Sorry, but in Korea, the paperwork only works if it's in favor of the company. There are a few issues that are concrete and the school can get in trouble for, such as no taxes being paid or no apartment/loving conditions provided. But other than those concrete issues, the paperwork is worth nothing. It's a western custom to have a contract, not a Korean one. They are trying to adopt the western way of business, but they have neglected to follow the letter when it comes to contracts. Next time, try writing your own contract and negotiating it YOUR way, not the school's way. Maybe things will be better for you in the future. Also, if you're with EPIK, you can contact EPIK and they can argue your case for you to the school. That way you won't be too swamped. Cheers and best of luck!
I suggest you sign up for the legal assurance program provided by Kangam law firm. It is the new program designed to protect foreign teachers who are getting screwed left and right in this country.
It's very affordable.
I think this Kangnam law office program is fine if you are under contract and working. It would be silly to think you could file a case against an employer you have never been employed with. What would be gained? 50-100% of your income of 0% ?
actually, if you sign a contract, you don't need to work to be considered employed. a contract is an expression of legal binding. just because you've worked for them doesn't give you anymore legal power. in fact, if you are a shitty teacher, it may work against you.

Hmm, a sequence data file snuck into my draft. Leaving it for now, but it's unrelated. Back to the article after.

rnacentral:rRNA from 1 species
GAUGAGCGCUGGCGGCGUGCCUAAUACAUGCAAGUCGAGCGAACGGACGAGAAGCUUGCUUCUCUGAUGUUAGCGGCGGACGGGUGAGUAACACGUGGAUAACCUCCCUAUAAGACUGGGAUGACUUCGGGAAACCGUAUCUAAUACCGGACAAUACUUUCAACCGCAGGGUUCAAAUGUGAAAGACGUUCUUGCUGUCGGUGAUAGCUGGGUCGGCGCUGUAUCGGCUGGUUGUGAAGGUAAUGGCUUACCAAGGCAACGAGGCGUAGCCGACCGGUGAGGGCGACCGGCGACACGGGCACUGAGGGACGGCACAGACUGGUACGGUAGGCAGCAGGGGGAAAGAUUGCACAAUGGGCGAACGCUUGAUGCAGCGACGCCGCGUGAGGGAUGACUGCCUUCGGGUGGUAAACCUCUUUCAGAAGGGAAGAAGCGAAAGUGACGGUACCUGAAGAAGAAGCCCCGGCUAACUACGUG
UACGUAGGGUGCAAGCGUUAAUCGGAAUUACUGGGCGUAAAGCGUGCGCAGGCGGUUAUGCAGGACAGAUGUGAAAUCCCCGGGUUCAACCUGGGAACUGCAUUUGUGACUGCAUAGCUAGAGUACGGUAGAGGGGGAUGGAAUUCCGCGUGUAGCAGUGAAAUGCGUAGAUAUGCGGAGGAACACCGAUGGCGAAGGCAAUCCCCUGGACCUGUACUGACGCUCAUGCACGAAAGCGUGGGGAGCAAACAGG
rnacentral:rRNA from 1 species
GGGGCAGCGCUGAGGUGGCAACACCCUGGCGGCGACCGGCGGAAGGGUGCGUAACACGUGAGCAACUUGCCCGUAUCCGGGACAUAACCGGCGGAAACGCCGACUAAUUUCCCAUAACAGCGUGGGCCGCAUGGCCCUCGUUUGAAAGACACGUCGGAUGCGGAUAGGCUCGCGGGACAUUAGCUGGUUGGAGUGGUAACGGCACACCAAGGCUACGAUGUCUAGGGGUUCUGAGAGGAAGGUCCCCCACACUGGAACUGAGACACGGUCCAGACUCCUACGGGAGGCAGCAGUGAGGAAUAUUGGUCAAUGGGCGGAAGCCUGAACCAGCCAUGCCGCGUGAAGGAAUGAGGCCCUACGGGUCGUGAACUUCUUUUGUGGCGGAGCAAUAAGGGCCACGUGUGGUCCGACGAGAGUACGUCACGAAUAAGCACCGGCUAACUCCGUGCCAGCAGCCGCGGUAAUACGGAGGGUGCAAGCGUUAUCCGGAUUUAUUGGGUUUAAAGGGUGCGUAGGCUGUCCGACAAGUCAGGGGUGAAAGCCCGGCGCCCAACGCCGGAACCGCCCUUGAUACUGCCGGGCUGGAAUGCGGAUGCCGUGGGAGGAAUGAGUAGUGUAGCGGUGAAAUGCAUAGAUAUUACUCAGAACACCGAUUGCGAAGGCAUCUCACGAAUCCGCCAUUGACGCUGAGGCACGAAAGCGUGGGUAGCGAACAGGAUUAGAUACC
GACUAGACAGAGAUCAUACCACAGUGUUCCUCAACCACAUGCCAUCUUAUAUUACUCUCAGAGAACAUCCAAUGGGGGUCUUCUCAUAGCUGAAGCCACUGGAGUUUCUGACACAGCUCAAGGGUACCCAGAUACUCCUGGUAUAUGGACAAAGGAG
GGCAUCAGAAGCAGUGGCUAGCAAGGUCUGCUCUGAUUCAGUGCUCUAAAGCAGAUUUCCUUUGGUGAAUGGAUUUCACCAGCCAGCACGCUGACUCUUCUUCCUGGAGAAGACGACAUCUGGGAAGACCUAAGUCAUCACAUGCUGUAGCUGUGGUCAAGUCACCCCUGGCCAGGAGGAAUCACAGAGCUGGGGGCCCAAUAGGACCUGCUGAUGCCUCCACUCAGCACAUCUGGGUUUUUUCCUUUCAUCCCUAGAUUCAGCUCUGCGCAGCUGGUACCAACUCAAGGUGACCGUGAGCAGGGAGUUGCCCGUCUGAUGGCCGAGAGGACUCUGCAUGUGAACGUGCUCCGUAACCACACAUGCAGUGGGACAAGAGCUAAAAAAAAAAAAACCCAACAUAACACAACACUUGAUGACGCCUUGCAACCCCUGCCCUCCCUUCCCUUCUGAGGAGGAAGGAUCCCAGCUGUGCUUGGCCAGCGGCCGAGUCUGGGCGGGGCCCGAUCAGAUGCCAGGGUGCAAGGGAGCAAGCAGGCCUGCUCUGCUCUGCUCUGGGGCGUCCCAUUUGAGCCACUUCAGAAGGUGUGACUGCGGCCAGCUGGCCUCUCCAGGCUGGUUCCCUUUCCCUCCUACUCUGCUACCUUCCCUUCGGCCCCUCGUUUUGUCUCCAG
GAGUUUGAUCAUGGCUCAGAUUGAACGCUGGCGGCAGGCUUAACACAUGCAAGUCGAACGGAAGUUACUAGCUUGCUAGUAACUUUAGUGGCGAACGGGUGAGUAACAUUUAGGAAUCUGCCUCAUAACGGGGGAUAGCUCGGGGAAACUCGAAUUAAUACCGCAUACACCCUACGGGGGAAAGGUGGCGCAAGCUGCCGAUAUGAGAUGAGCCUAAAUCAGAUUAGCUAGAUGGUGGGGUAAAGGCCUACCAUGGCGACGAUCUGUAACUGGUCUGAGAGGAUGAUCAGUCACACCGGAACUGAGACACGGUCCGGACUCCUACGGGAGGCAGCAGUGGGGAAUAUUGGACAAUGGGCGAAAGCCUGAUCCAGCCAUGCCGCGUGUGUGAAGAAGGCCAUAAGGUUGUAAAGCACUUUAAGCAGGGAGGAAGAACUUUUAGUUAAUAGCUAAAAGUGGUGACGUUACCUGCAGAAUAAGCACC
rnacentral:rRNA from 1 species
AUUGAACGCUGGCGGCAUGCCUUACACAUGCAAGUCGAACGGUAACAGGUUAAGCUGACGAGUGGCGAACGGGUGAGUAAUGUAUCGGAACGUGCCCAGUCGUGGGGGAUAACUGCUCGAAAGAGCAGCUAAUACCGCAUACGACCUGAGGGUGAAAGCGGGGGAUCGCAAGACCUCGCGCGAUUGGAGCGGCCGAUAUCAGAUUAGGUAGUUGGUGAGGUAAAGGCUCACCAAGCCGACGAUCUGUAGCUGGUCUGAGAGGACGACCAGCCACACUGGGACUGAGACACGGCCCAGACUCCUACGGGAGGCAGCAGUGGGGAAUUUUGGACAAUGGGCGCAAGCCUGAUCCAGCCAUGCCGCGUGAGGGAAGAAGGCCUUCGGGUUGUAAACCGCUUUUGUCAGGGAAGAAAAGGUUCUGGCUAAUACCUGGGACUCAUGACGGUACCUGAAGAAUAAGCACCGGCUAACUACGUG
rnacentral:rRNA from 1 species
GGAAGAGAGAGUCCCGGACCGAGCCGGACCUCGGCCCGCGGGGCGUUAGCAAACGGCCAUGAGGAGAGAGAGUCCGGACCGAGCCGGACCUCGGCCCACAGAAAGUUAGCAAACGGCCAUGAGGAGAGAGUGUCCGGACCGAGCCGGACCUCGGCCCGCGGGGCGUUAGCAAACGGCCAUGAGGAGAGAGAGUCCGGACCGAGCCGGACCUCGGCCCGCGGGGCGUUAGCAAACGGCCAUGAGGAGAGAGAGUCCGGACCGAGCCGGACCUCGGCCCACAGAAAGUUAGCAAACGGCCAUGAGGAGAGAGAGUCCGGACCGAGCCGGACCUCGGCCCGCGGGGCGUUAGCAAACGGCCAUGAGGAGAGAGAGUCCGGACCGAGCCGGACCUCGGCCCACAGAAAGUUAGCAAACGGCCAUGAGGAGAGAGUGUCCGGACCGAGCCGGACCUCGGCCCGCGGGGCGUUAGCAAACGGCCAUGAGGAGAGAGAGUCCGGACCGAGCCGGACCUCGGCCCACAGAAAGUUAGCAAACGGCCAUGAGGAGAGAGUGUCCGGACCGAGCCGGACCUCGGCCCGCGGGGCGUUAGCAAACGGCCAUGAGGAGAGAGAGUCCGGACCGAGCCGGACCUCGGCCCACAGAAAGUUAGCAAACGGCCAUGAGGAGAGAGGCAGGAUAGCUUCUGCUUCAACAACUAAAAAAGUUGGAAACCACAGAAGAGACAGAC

you can sue for a certain amount that would be considered a minimum according to the salary.
i'm pretty sure finding another job isn't going to be too difficult. as far as i know, send a recruiter your info and you should have job offers by the dozen...
Finding a job isn't a problem in Korea, finding a good job in Korea is what is making it difficult these days. They are getting fewer and fewer. Even the entry level jobs aren't sufficent in renumeration and conditions to attract those even in dire straits to come here and take the abuse of hogwans.
I find it amazing that with record unemployment back home, the false recovery(rising GDP isn't a good thing when you are simply going further into personal debt and national to consume) that the hordes haven't come in droves.
I guess when the extended pogie checks do run out out so will people with degrees, it's that or sell weed. It's not like we have factories in the west for people to make things.
Angel??? I try and help the person and for some reason you take shots at me-even though we are saying the same thing? Kind of weird. And check your grammar bro. And I do not mean little typos. The actual grammar is terrible! Reading your post makes one wonder if you are even a foreigner. My bet is you are a Korean who dislikes foreigners as the comments you made regarding someone asking what they could do about their situation were very negative.
And to start by taking shots at me is baffling but whatever.Welcome back to bashing people on here I guess (you said you were done coming on here a while ago but...).
Good luck on your situation and to get back on point-there is nothing you can do. Better to just move on. If you want any specific info, email me directly. I will be happy to help. I have been here a long time and know more than Angel would like to give me credit for so ask away. Paul Robertson used to do work for foreigners on this site years ago (he is a lawyer) and he is a good friend of mine so when I mention things about the law they are not merely ignorant opinions. I am always willing to help out people here so fire away! Cheers and good luck!
I got the same thing from another member of the community when I commented on donkey chicken. He hadn't eaten it in years but alas he remembers it not being heavily battered. Incredible because that's exactly what FRIED chicken is in Korea. Whatever man.....argue just to read your own post. The sky is blue, no it isn't. Pay no mind Jay, some people are just angry.
You're in a different judicial system now.